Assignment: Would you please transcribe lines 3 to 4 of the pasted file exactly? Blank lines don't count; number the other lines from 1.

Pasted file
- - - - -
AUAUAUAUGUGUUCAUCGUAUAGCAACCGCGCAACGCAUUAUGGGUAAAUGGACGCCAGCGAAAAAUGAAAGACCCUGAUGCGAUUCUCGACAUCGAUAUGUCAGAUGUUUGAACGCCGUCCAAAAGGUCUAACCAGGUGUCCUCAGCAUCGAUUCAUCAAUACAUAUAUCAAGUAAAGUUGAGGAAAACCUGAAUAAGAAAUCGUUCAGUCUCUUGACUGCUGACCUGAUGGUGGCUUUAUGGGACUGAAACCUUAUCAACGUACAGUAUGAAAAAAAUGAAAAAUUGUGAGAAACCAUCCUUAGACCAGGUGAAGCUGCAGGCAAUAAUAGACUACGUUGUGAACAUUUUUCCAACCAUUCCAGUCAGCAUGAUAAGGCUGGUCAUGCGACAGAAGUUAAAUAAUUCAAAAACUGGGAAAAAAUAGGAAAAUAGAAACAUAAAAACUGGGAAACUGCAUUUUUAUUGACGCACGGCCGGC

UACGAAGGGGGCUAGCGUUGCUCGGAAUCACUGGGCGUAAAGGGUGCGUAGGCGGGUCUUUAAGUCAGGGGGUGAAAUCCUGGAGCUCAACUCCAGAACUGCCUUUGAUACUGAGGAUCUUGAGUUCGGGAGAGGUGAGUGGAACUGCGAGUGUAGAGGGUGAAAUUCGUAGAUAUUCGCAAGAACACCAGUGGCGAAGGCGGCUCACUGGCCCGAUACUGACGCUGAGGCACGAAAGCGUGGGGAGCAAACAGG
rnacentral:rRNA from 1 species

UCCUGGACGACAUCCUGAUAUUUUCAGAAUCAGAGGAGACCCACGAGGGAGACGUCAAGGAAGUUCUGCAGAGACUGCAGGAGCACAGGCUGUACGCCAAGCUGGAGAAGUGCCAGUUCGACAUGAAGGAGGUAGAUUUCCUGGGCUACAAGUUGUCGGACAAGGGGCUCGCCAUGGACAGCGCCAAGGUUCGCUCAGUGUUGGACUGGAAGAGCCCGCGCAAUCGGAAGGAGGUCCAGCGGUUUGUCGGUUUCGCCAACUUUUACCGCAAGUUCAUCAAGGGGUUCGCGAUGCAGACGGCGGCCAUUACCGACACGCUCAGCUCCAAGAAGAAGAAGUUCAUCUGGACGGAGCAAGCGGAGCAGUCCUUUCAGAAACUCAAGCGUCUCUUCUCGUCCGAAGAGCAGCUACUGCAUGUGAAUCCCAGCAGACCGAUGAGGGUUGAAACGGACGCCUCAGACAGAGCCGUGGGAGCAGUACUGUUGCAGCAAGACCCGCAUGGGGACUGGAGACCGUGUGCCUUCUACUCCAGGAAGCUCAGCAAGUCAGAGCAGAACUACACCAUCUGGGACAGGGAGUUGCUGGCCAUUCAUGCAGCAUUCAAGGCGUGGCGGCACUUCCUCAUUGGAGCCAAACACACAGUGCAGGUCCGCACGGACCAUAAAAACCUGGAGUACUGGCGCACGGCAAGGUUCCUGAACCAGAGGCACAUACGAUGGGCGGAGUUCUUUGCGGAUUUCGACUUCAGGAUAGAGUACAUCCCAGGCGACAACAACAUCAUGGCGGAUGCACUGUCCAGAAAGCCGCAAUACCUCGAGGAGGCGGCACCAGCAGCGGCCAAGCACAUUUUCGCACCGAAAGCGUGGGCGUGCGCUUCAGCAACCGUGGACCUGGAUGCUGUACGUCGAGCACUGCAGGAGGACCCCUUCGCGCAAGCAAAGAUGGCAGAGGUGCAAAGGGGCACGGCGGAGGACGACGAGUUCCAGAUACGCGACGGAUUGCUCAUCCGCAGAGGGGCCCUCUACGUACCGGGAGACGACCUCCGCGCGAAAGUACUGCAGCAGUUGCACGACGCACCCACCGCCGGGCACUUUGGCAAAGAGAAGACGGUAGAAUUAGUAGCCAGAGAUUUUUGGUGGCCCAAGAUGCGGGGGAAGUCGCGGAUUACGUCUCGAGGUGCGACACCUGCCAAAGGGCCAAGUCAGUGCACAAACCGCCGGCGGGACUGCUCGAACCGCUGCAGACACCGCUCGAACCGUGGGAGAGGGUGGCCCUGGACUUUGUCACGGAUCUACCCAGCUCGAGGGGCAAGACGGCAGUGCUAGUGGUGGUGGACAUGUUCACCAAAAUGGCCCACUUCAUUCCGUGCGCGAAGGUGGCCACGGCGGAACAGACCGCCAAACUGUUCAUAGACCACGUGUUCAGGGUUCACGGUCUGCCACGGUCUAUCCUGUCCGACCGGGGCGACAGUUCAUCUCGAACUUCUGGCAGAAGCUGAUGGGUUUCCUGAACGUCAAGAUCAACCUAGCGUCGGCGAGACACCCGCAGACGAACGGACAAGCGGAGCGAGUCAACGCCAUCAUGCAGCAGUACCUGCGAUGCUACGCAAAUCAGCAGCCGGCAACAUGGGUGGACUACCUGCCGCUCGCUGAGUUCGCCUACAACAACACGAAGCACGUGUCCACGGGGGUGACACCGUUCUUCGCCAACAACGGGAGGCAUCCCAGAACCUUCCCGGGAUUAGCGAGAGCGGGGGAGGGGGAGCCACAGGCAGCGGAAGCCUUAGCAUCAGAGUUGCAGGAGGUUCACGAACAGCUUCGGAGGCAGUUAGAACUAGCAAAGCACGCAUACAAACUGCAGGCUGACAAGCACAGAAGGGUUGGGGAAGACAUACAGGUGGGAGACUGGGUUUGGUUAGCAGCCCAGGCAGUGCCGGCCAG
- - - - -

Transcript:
rnacentral:rRNA from 1 species

UCCUGGACGACAUCCUGAUAUUUUCAGAAUCAGAGGAGACCCACGAGGGAGACGUCAAGGAAGUUCUGCAGAGACUGCAGGAGCACAGGCUGUACGCCAAGCUGGAGAAGUGCCAGUUCGACAUGAAGGAGGUAGAUUUCCUGGGCUACAAGUUGUCGGACAAGGGGCUCGCCAUGGACAGCGCCAAGGUUCGCUCAGUGUUGGACUGGAAGAGCCCGCGCAAUCGGAAGGAGGUCCAGCGGUUUGUCGGUUUCGCCAACUUUUACCGCAAGUUCAUCAAGGGGUUCGCGAUGCAGACGGCGGCCAUUACCGACACGCUCAGCUCCAAGAAGAAGAAGUUCAUCUGGACGGAGCAAGCGGAGCAGUCCUUUCAGAAACUCAAGCGUCUCUUCUCGUCCGAAGAGCAGCUACUGCAUGUGAAUCCCAGCAGACCGAUGAGGGUUGAAACGGACGCCUCAGACAGAGCCGUGGGAGCAGUACUGUUGCAGCAAGACCCGCAUGGGGACUGGAGACCGUGUGCCUUCUACUCCAGGAAGCUCAGCAAGUCAGAGCAGAACUACACCAUCUGGGACAGGGAGUUGCUGGCCAUUCAUGCAGCAUUCAAGGCGUGGCGGCACUUCCUCAUUGGAGCCAAACACACAGUGCAGGUCCGCACGGACCAUAAAAACCUGGAGUACUGGCGCACGGCAAGGUUCCUGAACCAGAGGCACAUACGAUGGGCGGAGUUCUUUGCGGAUUUCGACUUCAGGAUAGAGUACAUCCCAGGCGACAACAACAUCAUGGCGGAUGCACUGUCCAGAAAGCCGCAAUACCUCGAGGAGGCGGCACCAGCAGCGGCCAAGCACAUUUUCGCACCGAAAGCGUGGGCGUGCGCUUCAGCAACCGUGGACCUGGAUGCUGUACGUCGAGCACUGCAGGAGGACCCCUUCGCGCAAGCAAAGAUGGCAGAGGUGCAAAGGGGCACGGCGGAGGACGACGAGUUCCAGAUACGCGACGGAUUGCUCAUCCGCAGAGGGGCCCUCUACGUACCGGGAGACGACCUCCGCGCGAAAGUACUGCAGCAGUUGCACGACGCACCCACCGCCGGGCACUUUGGCAAAGAGAAGACGGUAGAAUUAGUAGCCAGAGAUUUUUGGUGGCCCAAGAUGCGGGGGAAGUCGCGGAUUACGUCUCGAGGUGCGACACCUGCCAAAGGGCCAAGUCAGUGCACAAACCGCCGGCGGGACUGCUCGAACCGCUGCAGACACCGCUCGAACCGUGGGAGAGGGUGGCCCUGGACUUUGUCACGGAUCUACCCAGCUCGAGGGGCAAGACGGCAGUGCUAGUGGUGGUGGACAUGUUCACCAAAAUGGCCCACUUCAUUCCGUGCGCGAAGGUGGCCACGGCGGAACAGACCGCCAAACUGUUCAUAGACCACGUGUUCAGGGUUCACGGUCUGCCACGGUCUAUCCUGUCCGACCGGGGCGACAGUUCAUCUCGAACUUCUGGCAGAAGCUGAUGGGUUUCCUGAACGUCAAGAUCAACCUAGCGUCGGCGAGACACCCGCAGACGAACGGACAAGCGGAGCGAGUCAACGCCAUCAUGCAGCAGUACCUGCGAUGCUACGCAAAUCAGCAGCCGGCAACAUGGGUGGACUACCUGCCGCUCGCUGAGUUCGCCUACAACAACACGAAGCACGUGUCCACGGGGGUGACACCGUUCUUCGCCAACAACGGGAGGCAUCCCAGAACCUUCCCGGGAUUAGCGAGAGCGGGGGAGGGGGAGCCACAGGCAGCGGAAGCCUUAGCAUCAGAGUUGCAGGAGGUUCACGAACAGCUUCGGAGGCAGUUAGAACUAGCAAAGCACGCAUACAAACUGCAGGCUGACAAGCACAGAAGGGUUGGGGAAGACAUACAGGUGGGAGACUGGGUUUGGUUAGCAGCCCAGGCAGUGCCGGCCAG